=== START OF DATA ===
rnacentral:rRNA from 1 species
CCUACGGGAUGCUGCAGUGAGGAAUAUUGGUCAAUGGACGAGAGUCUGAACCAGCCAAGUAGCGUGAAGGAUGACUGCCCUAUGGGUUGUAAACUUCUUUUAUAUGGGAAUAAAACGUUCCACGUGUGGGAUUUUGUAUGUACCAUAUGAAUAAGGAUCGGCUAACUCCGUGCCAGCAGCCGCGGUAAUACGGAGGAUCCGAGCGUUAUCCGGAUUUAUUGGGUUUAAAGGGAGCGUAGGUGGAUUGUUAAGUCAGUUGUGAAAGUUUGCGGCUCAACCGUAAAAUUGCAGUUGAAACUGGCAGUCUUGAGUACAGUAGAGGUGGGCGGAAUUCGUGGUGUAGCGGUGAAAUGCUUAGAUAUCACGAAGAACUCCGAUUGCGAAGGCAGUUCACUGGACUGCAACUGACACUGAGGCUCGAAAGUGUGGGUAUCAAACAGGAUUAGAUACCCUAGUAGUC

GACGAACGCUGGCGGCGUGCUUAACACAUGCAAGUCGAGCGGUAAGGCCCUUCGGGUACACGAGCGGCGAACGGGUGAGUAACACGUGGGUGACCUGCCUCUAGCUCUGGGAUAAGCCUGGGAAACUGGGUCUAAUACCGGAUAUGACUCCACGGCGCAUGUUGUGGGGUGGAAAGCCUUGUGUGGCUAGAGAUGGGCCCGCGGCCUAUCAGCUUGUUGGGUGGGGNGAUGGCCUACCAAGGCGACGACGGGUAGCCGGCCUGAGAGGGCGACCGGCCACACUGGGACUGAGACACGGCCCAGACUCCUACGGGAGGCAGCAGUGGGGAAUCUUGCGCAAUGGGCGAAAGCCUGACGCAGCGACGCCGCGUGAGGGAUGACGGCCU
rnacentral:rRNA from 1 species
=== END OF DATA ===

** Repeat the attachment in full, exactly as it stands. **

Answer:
rnacentral:rRNA from 1 species
CCUACGGGAUGCUGCAGUGAGGAAUAUUGGUCAAUGGACGAGAGUCUGAACCAGCCAAGUAGCGUGAAGGAUGACUGCCCUAUGGGUUGUAAACUUCUUUUAUAUGGGAAUAAAACGUUCCACGUGUGGGAUUUUGUAUGUACCAUAUGAAUAAGGAUCGGCUAACUCCGUGCCAGCAGCCGCGGUAAUACGGAGGAUCCGAGCGUUAUCCGGAUUUAUUGGGUUUAAAGGGAGCGUAGGUGGAUUGUUAAGUCAGUUGUGAAAGUUUGCGGCUCAACCGUAAAAUUGCAGUUGAAACUGGCAGUCUUGAGUACAGUAGAGGUGGGCGGAAUUCGUGGUGUAGCGGUGAAAUGCUUAGAUAUCACGAAGAACUCCGAUUGCGAAGGCAGUUCACUGGACUGCAACUGACACUGAGGCUCGAAAGUGUGGGUAUCAAACAGGAUUAGAUACCCUAGUAGUC

GACGAACGCUGGCGGCGUGCUUAACACAUGCAAGUCGAGCGGUAAGGCCCUUCGGGUACACGAGCGGCGAACGGGUGAGUAACACGUGGGUGACCUGCCUCUAGCUCUGGGAUAAGCCUGGGAAACUGGGUCUAAUACCGGAUAUGACUCCACGGCGCAUGUUGUGGGGUGGAAAGCCUUGUGUGGCUAGAGAUGGGCCCGCGGCCUAUCAGCUUGUUGGGUGGGGNGAUGGCCUACCAAGGCGACGACGGGUAGCCGGCCUGAGAGGGCGACCGGCCACACUGGGACUGAGACACGGCCCAGACUCCUACGGGAGGCAGCAGUGGGGAAUCUUGCGCAAUGGGCGAAAGCCUGACGCAGCGACGCCGCGUGAGGGAUGACGGCCU
rnacentral:rRNA from 1 species